Baby Led Weaning is an approach to introducing solids that puts the baby in the driving seat. The baby is in control of how much they eat, how they eat and what they eat (out of the food you have offered them). Instead of being spoon-fed purée or baby rice by a parent, parents safely prepare foods that babies pick up and eat on their own. Baby Led Weaning (originally developed by Dr Gill Rapley) is more of a philosophy than just a method of offering food. It helps babies to develop autonomy, confidence and a good understanding of their body and hunger. It is great for a baby’s sensory and physical development too.
Does baby Led weaning put babies at risk of choking?
If a few simple guidelines are followed, evidence suggests that there is no greater risk of choking than with spoon feeding pureed foods. To keep babies safe, foods need to be ‘squishable’ between thumb and forefinger (so no raw apple or carrot) and need to be roughly ‘baby fist’ size or ‘chip’ sized. This is to enable babies to hold food securely and gnaw off what they can manage. Avoiding round or cubed pieces of food such as cubes of cheese and whole grapes is important too. A lot of people don’t realise that with babies, bigger pieces of food are so much safer and easier to manage than little chunks.
What are the best first foods for little ones?
There’s no real reason to just start with fruit and veg, but sometimes parents prefer to take weaning slowly while they relax into Baby Led Weaning and learn to trust their baby’s capabilities. Roasted vegetable sticks are soft and easy to digest, so make an easy starting point. Feel free to drizzle with olive oil and sprinkle with herbs and spices to widen your babies taste buds. You don’t need to stick to one new food per day/week, however it is a good idea to introduce allergens on different days in order to keep track of any reactions.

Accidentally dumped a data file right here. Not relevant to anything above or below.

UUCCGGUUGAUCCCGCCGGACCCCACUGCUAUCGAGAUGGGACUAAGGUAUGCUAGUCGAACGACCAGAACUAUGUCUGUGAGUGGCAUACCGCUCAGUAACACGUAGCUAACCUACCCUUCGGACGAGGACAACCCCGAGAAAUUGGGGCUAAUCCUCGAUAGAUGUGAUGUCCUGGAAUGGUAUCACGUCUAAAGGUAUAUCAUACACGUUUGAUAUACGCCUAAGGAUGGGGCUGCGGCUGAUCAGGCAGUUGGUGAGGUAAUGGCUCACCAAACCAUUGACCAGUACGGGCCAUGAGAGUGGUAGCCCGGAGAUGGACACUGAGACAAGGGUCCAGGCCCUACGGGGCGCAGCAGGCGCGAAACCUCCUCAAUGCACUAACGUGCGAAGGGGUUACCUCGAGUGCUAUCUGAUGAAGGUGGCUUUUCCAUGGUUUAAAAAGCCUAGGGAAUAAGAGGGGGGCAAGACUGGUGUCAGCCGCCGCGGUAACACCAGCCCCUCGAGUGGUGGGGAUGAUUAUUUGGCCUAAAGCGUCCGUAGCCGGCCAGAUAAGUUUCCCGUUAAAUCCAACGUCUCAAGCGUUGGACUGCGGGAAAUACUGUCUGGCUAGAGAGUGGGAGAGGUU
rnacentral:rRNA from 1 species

Moving forward, where’s the best place to access healthy simple recipes for little ones?
Instagram is awash with amazing Baby Led Weaning accounts (ours included of course!) that are full of varied ideas. Facebook has lots of supportive groups too. The Baby Led Kitchen App has over 100 easy to follow recipes for babies and their families. I create recipes that are nutritionally balanced and easy for babies to eat, but that are also quick and practical for parents to cook. We’ve had lots of really positive feedback from users, saying that our recipes are easy to follow and that they found the food preparation guides handy too. It can be hard to find recipes that tick the right boxes for all the family, and that’s what the Baby Led Kitchen recipe app tries to do.
Click here to visit the 'Baby Led Kitchen' website.
Click here for the 'Baby Led Kitchen' app.
To kick off our 'Sit, Chop, Chew' campaign we are giving you, our lovely readers, a chance to win one of FIVE copies of our fabulous book ‘Sit, Chop, Chew!’, written by our Founder and Director Kate Ball.
'Sit, Chop, Chew' is the second in the popular series about the fictional character ‘Freddie’. ‘Sit, Chop, Chew’ sees Freddie and his friends eating together at nursery and learning about food. The colourful story is a fun and engaging way of teaching children about safe eating, how to prevent choking and put the fun back into meal times.
‘Sit, Chop, Chew’ promotes the basic principles of SAFE EATING to families (both adults and children) to reduce the fear of choking and the number of choking incidents themselves. The campaign is supported by Dr. Jamie Cooper, Consultant in Emergency Medicine at Royal Aberdeen Children’s Hospital who is working to raise awareness about the risks of choking for young children.
Click here for competition Terms and Conditions.
To buy a copy of the book Click here.